Boesman and Lena

By Athol Fugard; Directed by Yaël Farber
Produced by Signature Theatre

Off Broadway, Play Revival
Runs through 3.24.19
The Pershing Square Signature Center, 480 West 42nd Street
by Brooke Viegut on 3.6.19

TemplateSahr Ngaujah and Zainab Jah in Boesman and Lena. Photo by Joan Marcus.

BOTTOM LINE: A timeless and nuanced look at the need for compassion through the lens of apartheid in South Africa, and how something is always better than nothing.

These days, the grit and dirt of human life is on display anywhere you look. Humanity continues to suffer, with stories on the daily news of the oppressed, the marginalized, and the homeless. Athol Fugard’s
Boesman and Lena, currently playing at Signature Theatre, is a timeless look at the journey of two humans searching for something—because something, anything at this point, would be “better than nothing.”

Set in the swartkops, or mudflats, the play centers on title characters Boesman (Sahr Ngaujah) and Lena (Zainab Jah), stuck in the vicious circle of apartheid in South Africa during the 1960s. Having just been forced out of their shantytown by white authorities for what could have been the third or hundredth time, they are on a journey by foot to find a new home. Landing in the mudflats of the river, Lena desperately tries to recall the route that brought them to this godforsaken land again. Is this the first time they’ve been here? The fourth? Or was this walk a previous one?

The action begins with Lena and Boesman carrying all their worldly possessions on their heads. Reduced to an almost feral state, these nominal partners lack all the markers of modern life and love. Lena, frequently beaten by Boesman, is hunched over, aching for some sense of comfort. Constantly talking and singing, she tries to make sense of the dull, disengaging pattern of her life. The fiercer Boesman is an embodiment of fear and frustration boiling under the surface, but fated to burst. As they set up camp in the swamp and begin to create what will be their home until the white man inevitably comes to remove them again, the tension between them is palpable. When an old stranger (Thomas Silcott) stumbles upon their camp in the middle of the night, Lena finally puts her foot down with Boesman and demands he be allowed to stay. He doesn’t speak their language, but Lena finds him to be a fast friend.

Suspended in time and space, Boesman and Lena confront their adversarial relationship and the cryptic, cyclical nature of their journey. In a nuanced and heartbreaking performance, Jah’s Lena grows in unexpected ways over the course of the play, firmly holding her ground as unexpected threats continue to arise. Boesman, keeping his cards close to his chest at the beginning, later lets it all fly in a tear-jerking altercation. Ngaujah delivers a complex performance that depicts Boesman's need to feel in control, a need to feel human in relationships that everyone can relate to.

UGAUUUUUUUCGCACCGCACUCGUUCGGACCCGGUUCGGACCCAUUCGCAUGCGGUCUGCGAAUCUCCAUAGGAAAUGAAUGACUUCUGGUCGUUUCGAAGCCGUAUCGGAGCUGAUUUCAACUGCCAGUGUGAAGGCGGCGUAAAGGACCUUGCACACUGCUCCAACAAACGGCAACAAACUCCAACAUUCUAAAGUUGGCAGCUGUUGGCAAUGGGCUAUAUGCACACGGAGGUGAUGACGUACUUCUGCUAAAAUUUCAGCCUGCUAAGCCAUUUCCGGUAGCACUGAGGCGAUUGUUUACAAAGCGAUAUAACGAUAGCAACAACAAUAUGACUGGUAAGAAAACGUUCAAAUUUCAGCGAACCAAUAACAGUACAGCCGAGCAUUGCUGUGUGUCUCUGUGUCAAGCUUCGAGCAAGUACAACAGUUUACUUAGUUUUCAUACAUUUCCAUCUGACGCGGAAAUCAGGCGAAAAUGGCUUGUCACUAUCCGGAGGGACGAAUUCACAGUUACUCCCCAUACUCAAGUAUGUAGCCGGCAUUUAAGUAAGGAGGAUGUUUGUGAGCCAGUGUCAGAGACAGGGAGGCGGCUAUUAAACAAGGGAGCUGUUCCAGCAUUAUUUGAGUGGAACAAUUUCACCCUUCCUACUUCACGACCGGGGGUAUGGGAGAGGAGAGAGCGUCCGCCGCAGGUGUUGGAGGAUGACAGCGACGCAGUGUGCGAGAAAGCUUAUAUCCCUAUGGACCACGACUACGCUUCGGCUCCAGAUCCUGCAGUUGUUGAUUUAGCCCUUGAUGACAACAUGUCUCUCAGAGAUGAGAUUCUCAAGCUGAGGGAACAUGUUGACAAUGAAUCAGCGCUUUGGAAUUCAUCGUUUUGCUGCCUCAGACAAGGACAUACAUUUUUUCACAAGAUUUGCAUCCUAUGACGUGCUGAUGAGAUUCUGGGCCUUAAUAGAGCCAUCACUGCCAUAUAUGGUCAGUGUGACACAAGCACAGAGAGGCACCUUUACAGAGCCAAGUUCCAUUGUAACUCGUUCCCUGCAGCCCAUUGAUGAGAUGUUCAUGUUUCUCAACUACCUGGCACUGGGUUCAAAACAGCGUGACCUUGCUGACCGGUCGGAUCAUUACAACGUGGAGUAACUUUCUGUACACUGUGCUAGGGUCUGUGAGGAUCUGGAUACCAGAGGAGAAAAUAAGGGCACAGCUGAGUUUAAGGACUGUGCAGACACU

Signature Theatre’s production of this enduring drama, written in 1969, resonates deeply on an intellectual and emotional level; the play's central pair can be everyone and no one. Empathetically directed by Yaël Farber, it is an unrelenting two hours of stunning imagery and cyclical dialogue. Moving about an empty stage featuring a single tree, Jah, Ngaujah, and Silcott are trapped in a sleek box designed by Susan Hilferty. Lighting by Amith Chandrashaker beautifies their plight, shaping the actors in such a way you almost expect them to break into a dance (and they almost do). With the timeless costumes (also by Hilferty) and an ethereal soundscape by Matt Hubbs, you can’t help but notice the parallels between this play and every recent story of homelessness and the plight of refugees on the news. It may be South Africa in the '60s onstage, but this struggle is still alive and well on the sidewalk outside the theatre.

(Boesman and Lena plays at Signature Theatre Center, 480 West 42nd Street, through March 24, 2019. Running time is 2 hours with no intermission. Performances are Tuesdays at 7:30, Wednesdays at 2 and 7:30, Thursdays and Fridays at 7:30, Saturdays at 2 and 8, and Sundays at 2. Tickets are $35 -through March 17, $45 thereafter, and can be purchased at

Boesman and Lena is written by Athol Fugard and directed by Yaël Farber. Scenic and Costume Design by Susan Hilferty. Lighting Design by Amith Chandrashaker. Sound Design by Matt Hubbs. Fight Direction by Unkledave’s Fight House. Dialect Coaching by Barbara Rubin. Production Stage Manager is Kelly A. Martindale.

The cast is Zainab Jah, Sahr Ngaujah, and Thomas Silcott.